Wines of the Burgundy Region
Burgundy claims, like Bordeaux, to produce the greatest red wines in the world, but they are much more elusive.
The Pinot Noir grape from which all good Burgundy is made is notoriously fickle. In stark contrast to the Cabernet Sauvignon of Bordeaux, it has so far refused to travel gracefully and only a handful of bottles made from Pinot Noir grown outside Burgundy can even hint at the delicacy-with-richness that is the hallmark of great red Burgundy.
The heartland of the Burgundy region is a surprisingly thin strip of vineyards, sloping sunwards down from Dijon to Chagny, called the Cote d’Or, or ‘golden hillside’. The northern half, centred on the town of Nuits-St-Georges, is known as the Cote de Nuits and produces predominantly red wines that are firmer and in general longer-lived than the elegant wines made on the southern Cote, named after the wine centre of Beaune.
The quality and style of reds in Burgundy somehow varies even more than in the much larger Bordeaux region. This is partly because there is no clearly defined classification system as there is for the wines of Bordeaux.
Most Burgundy vineyards are owned by many different growers who may cultivate only a row or two of vines. Some of these growers will sell their grapes to the wine shippers, or negotiants, of Nuits and Beaune. These negotiants will make wine from them and probably blend it with other growers’ wines from the same vineyard. Some of the growers will make the wine themselves and then sell it to negotiants, and some of them will make and eventually bottle the wines themselves to be sold under their own, ‘domaine-bottled’ label. The negotiants themselves vary from ultra quality-conscious down to, occasionally, downright unscrupulous, while some of the growers can make wonderful wine and others are simply not equipped to make the best of their grapes.
It is not difficult to see, therefore, that there are few yardsticks on the Cote d’Or. The negotiants usually try to stick to a house style, which means that one house’s Volnay can be much more like their Pommard than like a Volnay from another source. A good red Burgundy will have a cherry-red colour, usually paler than a claret, and a certain sweetness. The bouquet of a young wine usually conjures up thoughts of fruits and flowers such as raspberries and violets, while there are tasters who find mature Burgundy distinctly animal in flavour!
The appellation system is as complicated as one would expect of this region but, in general, the (potentially) finest wines of the Cote d’Or are labelled Grand Cru with Premier Cru representing the rank just below.
If the Cote de Nuits is most famous for great red wines such as Chambertin and the grandiosely priced output of the Domaine de la Romance Conti, the Cote de Beaune is particularly famous for great white Burgundy, of which Montrachet is the best known. Chardonnay is the grape from which all great white Burgundy is made. Although it has been transplanted to places such as California and Australia much more successfully than Pinot Noir, it is still at its most majestically steely and long-lived on the Cote d’Or. Meursault is slightly more buttery than Montrachet, while the Cote de Nuits’ best white is Gorton Charlemagne.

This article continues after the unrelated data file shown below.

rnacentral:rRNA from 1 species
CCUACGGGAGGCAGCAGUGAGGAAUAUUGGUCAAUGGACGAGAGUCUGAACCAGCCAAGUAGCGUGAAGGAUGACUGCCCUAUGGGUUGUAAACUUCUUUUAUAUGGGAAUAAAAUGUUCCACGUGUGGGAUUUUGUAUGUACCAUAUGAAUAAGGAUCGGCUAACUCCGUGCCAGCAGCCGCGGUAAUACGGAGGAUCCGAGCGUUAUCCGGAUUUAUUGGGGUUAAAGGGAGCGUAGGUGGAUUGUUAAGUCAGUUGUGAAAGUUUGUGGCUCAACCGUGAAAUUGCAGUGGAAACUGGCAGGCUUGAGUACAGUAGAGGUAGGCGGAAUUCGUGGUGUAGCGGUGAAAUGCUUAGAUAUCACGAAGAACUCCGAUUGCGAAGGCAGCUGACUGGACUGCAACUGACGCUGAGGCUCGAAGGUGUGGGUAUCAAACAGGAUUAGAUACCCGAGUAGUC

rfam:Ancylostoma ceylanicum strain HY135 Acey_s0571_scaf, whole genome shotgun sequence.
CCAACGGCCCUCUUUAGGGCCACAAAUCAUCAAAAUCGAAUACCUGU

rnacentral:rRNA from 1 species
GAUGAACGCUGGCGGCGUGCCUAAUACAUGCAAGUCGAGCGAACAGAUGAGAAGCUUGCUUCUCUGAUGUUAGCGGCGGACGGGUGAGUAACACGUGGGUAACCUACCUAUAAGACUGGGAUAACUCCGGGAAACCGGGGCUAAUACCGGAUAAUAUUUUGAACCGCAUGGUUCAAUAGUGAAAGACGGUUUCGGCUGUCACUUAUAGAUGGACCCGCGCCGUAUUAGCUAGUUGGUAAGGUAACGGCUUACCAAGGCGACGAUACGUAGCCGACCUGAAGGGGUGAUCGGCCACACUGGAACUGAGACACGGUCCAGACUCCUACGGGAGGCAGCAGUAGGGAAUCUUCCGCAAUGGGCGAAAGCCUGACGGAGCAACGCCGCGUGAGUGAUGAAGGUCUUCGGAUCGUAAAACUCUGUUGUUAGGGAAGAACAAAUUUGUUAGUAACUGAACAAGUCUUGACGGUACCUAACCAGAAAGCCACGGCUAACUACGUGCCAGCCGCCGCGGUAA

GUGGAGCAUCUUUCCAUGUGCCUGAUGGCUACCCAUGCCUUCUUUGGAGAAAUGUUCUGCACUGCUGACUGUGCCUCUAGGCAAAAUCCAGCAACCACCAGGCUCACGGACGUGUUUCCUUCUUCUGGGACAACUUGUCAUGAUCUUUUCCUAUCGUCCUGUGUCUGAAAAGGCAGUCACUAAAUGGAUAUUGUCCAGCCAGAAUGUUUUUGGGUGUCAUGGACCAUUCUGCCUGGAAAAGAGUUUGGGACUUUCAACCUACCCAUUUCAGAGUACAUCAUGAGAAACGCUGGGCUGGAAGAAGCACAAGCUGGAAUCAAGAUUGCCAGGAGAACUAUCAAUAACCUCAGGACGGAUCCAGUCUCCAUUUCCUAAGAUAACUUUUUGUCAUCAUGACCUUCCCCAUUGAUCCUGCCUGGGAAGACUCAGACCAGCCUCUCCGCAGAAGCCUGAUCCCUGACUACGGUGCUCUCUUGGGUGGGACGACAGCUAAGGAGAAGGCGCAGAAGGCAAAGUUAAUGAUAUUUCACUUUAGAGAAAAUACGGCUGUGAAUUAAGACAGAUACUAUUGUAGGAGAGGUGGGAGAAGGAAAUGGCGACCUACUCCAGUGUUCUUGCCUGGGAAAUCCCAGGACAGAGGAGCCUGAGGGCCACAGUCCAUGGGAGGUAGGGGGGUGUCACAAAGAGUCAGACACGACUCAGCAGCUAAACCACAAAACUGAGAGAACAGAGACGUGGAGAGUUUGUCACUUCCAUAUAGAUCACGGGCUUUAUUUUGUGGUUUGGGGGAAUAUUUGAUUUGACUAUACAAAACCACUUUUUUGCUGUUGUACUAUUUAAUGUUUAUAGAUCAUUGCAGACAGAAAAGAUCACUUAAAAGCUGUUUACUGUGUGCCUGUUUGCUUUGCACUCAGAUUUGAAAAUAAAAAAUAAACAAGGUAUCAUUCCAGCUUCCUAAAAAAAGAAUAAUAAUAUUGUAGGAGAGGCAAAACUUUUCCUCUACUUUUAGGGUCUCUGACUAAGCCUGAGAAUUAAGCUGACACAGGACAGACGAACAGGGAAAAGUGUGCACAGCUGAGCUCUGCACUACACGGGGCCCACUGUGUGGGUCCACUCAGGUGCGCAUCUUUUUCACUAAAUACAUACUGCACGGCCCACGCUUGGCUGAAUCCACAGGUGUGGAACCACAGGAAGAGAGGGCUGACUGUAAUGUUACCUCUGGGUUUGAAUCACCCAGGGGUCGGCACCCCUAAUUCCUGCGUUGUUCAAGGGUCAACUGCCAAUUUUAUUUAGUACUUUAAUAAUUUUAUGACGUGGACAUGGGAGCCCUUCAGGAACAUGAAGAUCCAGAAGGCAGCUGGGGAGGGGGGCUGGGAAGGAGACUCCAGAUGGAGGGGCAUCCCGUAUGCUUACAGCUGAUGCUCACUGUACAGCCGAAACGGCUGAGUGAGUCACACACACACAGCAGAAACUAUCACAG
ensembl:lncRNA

White wines are given almost red wine treatment by top producers on the Cote d’Or and great wines will usually have been matured, and sometimes fermented, in small oak barrels. The Chardonnay grape is much more dependable from vintage to vintage than the Pinot Noir, though the poor quality of some clones of Pinot planted in recent years may account for some of the vagaries of red Burgundy.
Chablis is the Chardonnay’s other great home, though the wines of this northern outpost of Burgundy are usually notably higher in acidity and less opulent, as one would expect of the harsher climate. Oak is now rarely seen in the tiny village of Chablis.
Good-value red and white wines are now made on the Cote Chalonnaise, as the vineyards round Chalon are called. Montagny is particularly good for whites, while Mercurey reds can be deliciously supple even when young. Rully reds and whites can offer interest at a reasonable price.
Beaujolais and the Maconnais at the southern end of Burgundy tend to be grouped together for here the Camay supplants Pinot as the red grape variety. Because of this, Macon Rouge is rarely very exciting, though Macon Blanc, made of Chardonnay, can often be very good, if not designed for as long a life as Cote d’Or whites. Anything with Macon or Pouilly on the label (other than the Loire wine of Pouilly-Fume) is made here, as is St Veran and the similar, but more elusive, Beaujolais Blanc.
Beaujolais is red-wine country however, where the Camay grape is at its most exciting. Ordinary Beaujolais and the slightly superior Beaujolais-Villages is a juicy, intensely fruity wine with marked acidity that is designed to be drunk young. Beaujolais Nouveau or Primeur, the wine of the most recent vintage, released just a few weeks afterwards on 15 November, is designed to be drunk even younger. Beaujolais is one of the few red wines that can take this treatment, because it is usually low in harsh tannins and light in body. This means that it can almost be treated as a white wine, and is delicious served slightly chilled.
The most ‘serious’ Beaujolais comes from nine communes called the ‘crus’, marked on the map below. Each has its own character, with Moulin-a-Vent being the longest-lived, but any of these can be kept for two or three years to develop more interest than is usual in a Beaujolais. Curiously, the word Beaujolais is rarely to be found on the labels of cru Beaujolais – presumably because the locals are so proud of their commune, they imagine everyone else should be familiar with the name too.